Every fall, the LLC organizes a House Course to provide a forum and common theme for our discussions on political, philosophical, and economic issues.  The House Course allows for the personal and intellectual bonds between LLC members to bud and flourish.  It is mandatory for LLC members and scheduled in the evening to avoid other class conflicts. This spring, the LLC is also offering an optional house course on Asian Grand Strategies (Find it on Dukehub! Not too late to enroll!). Here’s a look at two past syllabi:

Fall 2022 – Choice, Politics, and Society

Do we ever make truly autonomous choices? What kind of factors go into the decisions
we make? Is there a “right way” to go about deciding where to go to college, whom to marry, or
which cat is cuter? How can we model others’ decisions? How do we figure out what a group of
people want? Is “group choice” even possible? Are there reasons to doubt our autonomy of
choice? How do societies (and companies) influence individual choice? How do our personal
choices affect society?
We hope you will walk away from this course with a better understanding of the
economic, political, and philosophical underpinnings of choice, how groups can (and can’t)
make choices together, and how communities balance personal choice and societal obligation.

Week 1: How the Class Works and Who We Are

Week 2: Modelling Choice

Week 3: Decision Theory and Utility

Week 4: Emotion, Choice, and Cooperation

Week 5: Public Choice: Voting

Week 6: Frameworks of Choice: What Matters?

Week 7: Cognitive Biases and Heuristics

Week 8: Science of Choice

Week 9: Information, Choice, and Cognition

Week 10: Journalism and Political Choice

Week 11: This is Your Brain on Propaganda

Week 12: Individual Choice and Collective Problems

Week 13: Chinese Approaches to Choice and COVID-19

Spring 2021 – Unpacking 2020: Contemporary Political Trends

If there was one word that Americans heard more than any other in 2020, it was “unprecedented.” A year full of vivid images supported this sentiment. A nurse in full PPE gear working long hours to combat COVID-19 and “flatten the curve.” A state unemployment website completely crashed due to the influx of millions of Americans freshly out of work. Smoke and haze from wildfires stretched across the sky from California to the East Coast. Two septuagenarian presidential candidates. Protests in thousands of cities across America.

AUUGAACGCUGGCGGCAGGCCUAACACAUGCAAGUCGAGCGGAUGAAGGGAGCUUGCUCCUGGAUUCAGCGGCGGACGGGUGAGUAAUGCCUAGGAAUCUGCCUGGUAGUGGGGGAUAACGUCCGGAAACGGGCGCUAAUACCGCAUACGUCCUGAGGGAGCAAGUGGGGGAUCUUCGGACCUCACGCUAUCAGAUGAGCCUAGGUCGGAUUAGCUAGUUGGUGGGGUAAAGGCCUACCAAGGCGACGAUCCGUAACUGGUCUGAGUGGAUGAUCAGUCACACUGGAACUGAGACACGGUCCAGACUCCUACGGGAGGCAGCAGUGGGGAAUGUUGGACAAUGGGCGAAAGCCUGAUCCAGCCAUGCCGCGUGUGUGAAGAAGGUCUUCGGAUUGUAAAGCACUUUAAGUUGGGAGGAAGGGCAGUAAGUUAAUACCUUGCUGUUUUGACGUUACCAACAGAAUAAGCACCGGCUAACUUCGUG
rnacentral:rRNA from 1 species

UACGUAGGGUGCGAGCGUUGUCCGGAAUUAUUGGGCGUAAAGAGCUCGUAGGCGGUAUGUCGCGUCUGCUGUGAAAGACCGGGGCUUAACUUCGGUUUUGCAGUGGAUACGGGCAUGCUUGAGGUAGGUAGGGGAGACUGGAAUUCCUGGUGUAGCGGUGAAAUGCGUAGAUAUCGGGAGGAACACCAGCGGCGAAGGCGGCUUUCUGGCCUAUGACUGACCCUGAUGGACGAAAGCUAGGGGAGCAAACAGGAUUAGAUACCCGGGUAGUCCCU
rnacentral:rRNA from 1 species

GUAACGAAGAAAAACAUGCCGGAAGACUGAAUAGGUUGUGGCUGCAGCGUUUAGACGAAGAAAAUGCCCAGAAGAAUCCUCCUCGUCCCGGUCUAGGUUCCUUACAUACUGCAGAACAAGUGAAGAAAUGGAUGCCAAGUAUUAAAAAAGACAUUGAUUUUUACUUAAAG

In a year of such an ostensibly unprecedented onslaught of crises and monumental events, it was easy to be yanked along by the 2020 roller coaster without much time to think and reflect about the causes and implications of world events. Now, with some time to breathe and reflect, we can perform a post-mortem of 2020. Using historical and analytical perspectives, this class will analyze and evaluate the events of 2020. In particular, we will discuss and debate the key issues of 2020 through the lens of longer term political trends. Were the events of 2020 truly as “unprecedented” as popular sentiment suggests, or are there longer term, less obvious trends at work?

Week 1: How the Class Works and Who We Are

Week 2: The Ethics of University Reopening Policies

Week 3: Social Culture at Elite Universities

Week 4: Rising China and the World

Week 5: Saudi Arabia’s Vision for the Future and its Contradictions

Week 6: Climate Change

Week 7: COVID-19’s Impact on the Economy

Week 8: Federalism and Responses to COVID-19

Week 9: The Media and Information Divide

Week 10: Black Lives Matter and the Future of Policing

Week 11: Meritocracy

Week 12: Plato’s Republic and Tyranny

Week 13: Conclusion